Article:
To the patient reader, David Korten’s recent polemic, Agenda for a New Economy, provides interesting ideas for discussion. It is the new Socialist Manifesto. I have the distinct feeling that Korten is providing simple solutions to complex issues without going through or guiding the reader through those complexities. The major missing piece in this work is a thorough understanding and explanation of how we can overcome human nature and keep the espoused Utopian view viable and corruption free.
Having said all that, there are some very challenging views presented and I find that I agree with a significant number of them. This book, though rushed to press, is well written, timely, and leans heavily on previous works by Korten. He presents cogent analysis of why this economy crashed and moves on to present a vision of the future for communal living and government oversight. Korten’s twelve point program for a new economy sums up his view:
- Redirect the focus of economic policy from growing phantom wealth (money, financial speculation, equities, securitization, etc.) to growing real wealth (labor, ideas, land, gold, health care, food, etc.).
- Recover Wall Street’s unearned profits, and assess fees and fines to make Wall Street theft and gambling unprofitable.
- Implement full-cost market pricing.
- Reclaim the corporate charter.
- Restore national economic sovereignty.
- Rebuild communities with a goal of achieving local self-reliance in meeting basic needs.
- Implement policies that create a strong bias in favor of human-scale businesses owned by local stake-holders.
- Facilitate and fund stakeholder buyouts to democratize ownership.
- Use tax and income policies to favor the equitable distribution of wealth and income.
- Revise intellectual property rules to facilitate the free sharing of information and technology.
- Restructure financial services to serve Main Street.
- Transfer to the federal government the responsibility for issuing money.
Korten professes to know “What People Really Want” (Chapter 9) explaining that the propagandists of Wall Street would have us believe that “there is no alternative” (TINA), and then states that TINA is a lie. He also first recognizes the complexity of “human nature” and then blames what he calls Empire (apparently the present U.S. capitalist system) for giving rise to our worst impulses. It seems that his system would cultivate our higher angels. It’s not clear how.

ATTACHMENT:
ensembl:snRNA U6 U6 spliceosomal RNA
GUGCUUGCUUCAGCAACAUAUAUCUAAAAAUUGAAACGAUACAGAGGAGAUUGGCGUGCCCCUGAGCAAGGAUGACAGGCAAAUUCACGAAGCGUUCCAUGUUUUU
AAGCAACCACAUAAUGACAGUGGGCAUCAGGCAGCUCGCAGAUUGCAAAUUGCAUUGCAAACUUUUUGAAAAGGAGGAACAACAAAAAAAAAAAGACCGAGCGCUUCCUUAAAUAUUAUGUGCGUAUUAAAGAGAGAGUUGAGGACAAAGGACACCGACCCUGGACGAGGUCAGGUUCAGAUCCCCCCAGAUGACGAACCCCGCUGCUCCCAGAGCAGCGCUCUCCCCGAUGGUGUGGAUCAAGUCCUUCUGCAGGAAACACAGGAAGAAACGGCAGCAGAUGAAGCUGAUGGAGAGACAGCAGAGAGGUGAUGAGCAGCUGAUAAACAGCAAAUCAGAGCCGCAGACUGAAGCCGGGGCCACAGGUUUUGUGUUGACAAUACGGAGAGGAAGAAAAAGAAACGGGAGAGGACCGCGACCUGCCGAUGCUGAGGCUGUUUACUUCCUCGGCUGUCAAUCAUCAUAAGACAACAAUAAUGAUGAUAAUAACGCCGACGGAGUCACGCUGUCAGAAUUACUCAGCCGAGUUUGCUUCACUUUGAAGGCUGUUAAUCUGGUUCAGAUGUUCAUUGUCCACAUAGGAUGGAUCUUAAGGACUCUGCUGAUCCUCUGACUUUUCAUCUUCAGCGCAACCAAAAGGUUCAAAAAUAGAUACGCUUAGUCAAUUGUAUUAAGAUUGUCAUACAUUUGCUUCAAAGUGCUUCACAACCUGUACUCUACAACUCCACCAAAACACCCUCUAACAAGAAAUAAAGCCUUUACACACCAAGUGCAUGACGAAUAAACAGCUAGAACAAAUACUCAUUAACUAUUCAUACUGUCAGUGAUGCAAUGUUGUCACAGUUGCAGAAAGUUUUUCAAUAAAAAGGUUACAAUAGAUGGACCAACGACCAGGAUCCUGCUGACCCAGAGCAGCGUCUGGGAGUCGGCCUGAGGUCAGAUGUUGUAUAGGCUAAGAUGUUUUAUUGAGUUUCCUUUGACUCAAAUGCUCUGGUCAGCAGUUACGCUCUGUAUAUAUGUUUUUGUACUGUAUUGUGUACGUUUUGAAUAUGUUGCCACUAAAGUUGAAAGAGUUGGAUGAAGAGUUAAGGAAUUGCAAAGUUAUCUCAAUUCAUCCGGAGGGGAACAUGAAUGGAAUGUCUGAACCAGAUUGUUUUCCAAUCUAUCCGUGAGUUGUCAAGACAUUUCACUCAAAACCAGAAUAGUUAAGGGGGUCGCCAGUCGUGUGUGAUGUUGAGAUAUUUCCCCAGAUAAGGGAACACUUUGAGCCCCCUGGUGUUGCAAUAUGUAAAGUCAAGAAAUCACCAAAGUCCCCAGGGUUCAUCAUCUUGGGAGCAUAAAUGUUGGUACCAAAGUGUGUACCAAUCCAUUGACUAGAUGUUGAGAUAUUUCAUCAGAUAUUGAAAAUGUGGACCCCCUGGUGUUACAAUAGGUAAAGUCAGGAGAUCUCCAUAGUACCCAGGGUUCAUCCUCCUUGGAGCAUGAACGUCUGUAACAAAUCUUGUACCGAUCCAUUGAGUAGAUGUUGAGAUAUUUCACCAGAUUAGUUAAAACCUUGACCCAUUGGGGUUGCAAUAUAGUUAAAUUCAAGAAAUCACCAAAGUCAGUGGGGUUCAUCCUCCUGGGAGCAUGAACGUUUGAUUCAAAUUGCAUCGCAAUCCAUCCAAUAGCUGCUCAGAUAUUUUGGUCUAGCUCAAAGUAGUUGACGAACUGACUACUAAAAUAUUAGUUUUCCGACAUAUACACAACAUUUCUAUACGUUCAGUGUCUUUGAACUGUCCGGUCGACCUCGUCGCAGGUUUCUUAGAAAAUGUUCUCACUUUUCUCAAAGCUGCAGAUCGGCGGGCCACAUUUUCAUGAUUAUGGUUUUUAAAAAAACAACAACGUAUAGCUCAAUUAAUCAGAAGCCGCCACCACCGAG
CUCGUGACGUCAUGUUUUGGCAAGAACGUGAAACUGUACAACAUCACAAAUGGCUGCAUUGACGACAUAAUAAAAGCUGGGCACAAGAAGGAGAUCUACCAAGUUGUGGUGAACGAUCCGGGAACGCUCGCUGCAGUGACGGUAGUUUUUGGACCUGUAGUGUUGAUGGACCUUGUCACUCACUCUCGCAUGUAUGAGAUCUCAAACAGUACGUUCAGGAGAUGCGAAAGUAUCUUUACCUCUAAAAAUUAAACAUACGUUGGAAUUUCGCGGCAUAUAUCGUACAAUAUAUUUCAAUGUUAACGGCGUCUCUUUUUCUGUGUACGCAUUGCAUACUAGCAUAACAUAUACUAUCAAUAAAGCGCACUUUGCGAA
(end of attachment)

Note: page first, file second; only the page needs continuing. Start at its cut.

In Chapter 13, Life In A Real-Wealth Economy, Korten takes us on a trip to the future. Our time-traveler writes back to us that “This seems to be a truly middle-class society. I’ve found little evidence of more than modest distinctions between the richest and the poorest in terms of income, asset ownership, size of residence, and consumption.” And then, “Economists in this time measure wealth and well-being by indicators of the health and sustainable productivity of human, social, and living natural capital. Businesses are human-scale, locally owned, and dedicated to serving the people of the community.” All seems well in this new world economy. No crime to speak of and everyone is middle-class, happy and content. Humanity is clumped into urban centers with nature surrounding them. Suburban sprawl is gone as are the large international companies.
This book will, I hope, start the discussion. Our economic system can certainly be improved, and many of Korten’s goals make sense for a sustainable society. The tone of this book, its inflammatory language, will make that discussion difficult. Its call for a wholesale destruction of the present system in favor of a practically socialist construct and wishes to use the current reset in the U.S. economy to accomplish that goal. If in fact major improvements are made through the sense of urgency caused by the financial collapse, then we should celebrate. If in fact, the patient reader can get through this polemic and mine the gems buried there, then perhaps a serious discussion will ensue.
Click to see it on Amazon.